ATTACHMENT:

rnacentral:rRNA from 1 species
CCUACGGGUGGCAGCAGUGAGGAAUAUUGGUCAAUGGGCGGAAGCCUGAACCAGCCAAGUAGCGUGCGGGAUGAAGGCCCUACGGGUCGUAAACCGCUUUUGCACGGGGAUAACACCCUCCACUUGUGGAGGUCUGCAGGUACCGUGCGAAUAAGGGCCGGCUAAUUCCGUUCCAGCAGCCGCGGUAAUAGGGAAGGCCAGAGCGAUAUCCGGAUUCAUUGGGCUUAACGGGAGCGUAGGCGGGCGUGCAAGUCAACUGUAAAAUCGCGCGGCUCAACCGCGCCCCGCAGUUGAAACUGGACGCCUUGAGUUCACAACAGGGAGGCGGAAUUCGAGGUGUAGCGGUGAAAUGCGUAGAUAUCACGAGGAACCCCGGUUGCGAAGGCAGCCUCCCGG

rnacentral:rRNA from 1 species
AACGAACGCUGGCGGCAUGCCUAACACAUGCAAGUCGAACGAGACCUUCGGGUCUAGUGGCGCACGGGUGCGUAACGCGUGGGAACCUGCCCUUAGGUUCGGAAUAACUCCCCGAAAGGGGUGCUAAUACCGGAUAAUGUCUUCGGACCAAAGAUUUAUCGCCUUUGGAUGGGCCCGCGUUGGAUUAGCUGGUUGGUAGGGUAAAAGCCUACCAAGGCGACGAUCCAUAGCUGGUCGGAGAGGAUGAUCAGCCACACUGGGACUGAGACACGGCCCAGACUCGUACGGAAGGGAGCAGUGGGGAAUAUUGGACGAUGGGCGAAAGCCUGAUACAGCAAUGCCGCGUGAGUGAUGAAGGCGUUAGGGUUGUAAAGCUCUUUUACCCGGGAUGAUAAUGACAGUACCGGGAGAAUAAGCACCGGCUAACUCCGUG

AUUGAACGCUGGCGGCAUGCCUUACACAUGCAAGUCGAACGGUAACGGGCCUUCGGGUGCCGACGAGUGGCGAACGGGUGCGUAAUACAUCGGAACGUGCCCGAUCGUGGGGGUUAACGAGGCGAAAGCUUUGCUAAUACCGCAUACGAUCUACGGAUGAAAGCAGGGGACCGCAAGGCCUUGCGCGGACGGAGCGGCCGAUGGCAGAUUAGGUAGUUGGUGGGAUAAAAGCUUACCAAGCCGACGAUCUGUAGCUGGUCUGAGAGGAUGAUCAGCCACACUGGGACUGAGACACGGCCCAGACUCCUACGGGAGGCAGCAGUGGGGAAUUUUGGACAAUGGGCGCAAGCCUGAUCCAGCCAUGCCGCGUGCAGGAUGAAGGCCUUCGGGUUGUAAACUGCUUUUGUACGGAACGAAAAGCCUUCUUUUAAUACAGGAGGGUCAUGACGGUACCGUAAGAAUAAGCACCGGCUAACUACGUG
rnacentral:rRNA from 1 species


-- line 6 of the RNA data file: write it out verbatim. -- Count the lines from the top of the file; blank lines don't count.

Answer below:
rnacentral:rRNA from 1 species